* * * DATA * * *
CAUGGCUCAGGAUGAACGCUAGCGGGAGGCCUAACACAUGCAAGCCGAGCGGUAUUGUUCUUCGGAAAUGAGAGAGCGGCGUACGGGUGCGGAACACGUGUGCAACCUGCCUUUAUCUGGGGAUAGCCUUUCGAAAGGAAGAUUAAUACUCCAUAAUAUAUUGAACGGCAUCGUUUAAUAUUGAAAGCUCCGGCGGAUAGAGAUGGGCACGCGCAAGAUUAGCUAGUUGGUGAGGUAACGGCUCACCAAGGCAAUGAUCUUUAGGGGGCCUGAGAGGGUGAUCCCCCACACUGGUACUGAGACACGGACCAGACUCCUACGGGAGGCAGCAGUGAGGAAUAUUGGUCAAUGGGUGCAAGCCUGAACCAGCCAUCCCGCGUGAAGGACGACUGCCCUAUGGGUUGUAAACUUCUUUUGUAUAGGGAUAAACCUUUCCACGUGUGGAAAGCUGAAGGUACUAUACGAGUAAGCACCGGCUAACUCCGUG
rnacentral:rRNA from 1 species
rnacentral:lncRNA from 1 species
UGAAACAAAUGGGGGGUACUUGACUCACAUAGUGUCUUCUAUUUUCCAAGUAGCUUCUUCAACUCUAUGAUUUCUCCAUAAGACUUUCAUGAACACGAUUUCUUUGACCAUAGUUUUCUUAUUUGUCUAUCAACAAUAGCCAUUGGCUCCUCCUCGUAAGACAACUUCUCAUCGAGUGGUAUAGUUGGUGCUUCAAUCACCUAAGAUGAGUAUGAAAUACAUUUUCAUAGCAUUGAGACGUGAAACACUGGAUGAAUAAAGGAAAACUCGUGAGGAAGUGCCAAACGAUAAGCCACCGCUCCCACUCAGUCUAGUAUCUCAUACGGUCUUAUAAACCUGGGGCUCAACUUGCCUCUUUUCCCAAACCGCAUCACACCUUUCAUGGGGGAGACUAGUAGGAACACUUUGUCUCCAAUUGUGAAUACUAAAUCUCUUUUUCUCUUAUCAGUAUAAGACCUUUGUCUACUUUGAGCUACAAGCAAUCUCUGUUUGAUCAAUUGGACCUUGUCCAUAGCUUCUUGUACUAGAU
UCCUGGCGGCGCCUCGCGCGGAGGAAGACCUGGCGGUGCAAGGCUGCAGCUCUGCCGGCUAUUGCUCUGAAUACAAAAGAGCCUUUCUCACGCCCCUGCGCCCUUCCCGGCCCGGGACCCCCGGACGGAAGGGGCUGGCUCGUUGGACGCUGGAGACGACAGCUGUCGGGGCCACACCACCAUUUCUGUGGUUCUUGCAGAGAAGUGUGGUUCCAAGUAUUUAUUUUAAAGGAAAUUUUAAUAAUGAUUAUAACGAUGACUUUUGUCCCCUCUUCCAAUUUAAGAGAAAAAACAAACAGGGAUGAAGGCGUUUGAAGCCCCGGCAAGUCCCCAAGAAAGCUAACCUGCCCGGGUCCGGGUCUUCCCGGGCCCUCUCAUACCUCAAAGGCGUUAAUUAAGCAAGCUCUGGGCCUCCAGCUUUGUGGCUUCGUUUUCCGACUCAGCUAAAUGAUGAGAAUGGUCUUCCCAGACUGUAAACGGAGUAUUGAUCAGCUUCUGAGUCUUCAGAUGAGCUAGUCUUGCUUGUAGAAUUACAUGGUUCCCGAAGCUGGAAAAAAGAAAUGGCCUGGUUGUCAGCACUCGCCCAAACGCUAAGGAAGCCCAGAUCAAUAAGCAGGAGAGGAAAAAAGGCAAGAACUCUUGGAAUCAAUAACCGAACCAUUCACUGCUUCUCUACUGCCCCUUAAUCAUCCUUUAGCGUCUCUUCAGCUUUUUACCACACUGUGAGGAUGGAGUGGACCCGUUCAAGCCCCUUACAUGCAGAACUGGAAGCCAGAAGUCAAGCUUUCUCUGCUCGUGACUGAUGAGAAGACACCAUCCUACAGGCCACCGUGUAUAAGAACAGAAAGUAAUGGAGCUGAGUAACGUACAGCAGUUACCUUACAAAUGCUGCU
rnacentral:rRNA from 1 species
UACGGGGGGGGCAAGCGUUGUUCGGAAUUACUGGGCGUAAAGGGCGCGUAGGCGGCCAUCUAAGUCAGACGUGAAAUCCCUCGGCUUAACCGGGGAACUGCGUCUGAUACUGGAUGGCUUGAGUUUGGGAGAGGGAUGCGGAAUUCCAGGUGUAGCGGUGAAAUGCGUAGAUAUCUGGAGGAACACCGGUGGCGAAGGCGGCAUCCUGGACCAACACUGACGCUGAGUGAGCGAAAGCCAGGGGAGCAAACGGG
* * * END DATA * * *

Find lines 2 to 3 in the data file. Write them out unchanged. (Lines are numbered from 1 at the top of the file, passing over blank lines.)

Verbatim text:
rnacentral:rRNA from 1 species
rnacentral:lncRNA from 1 species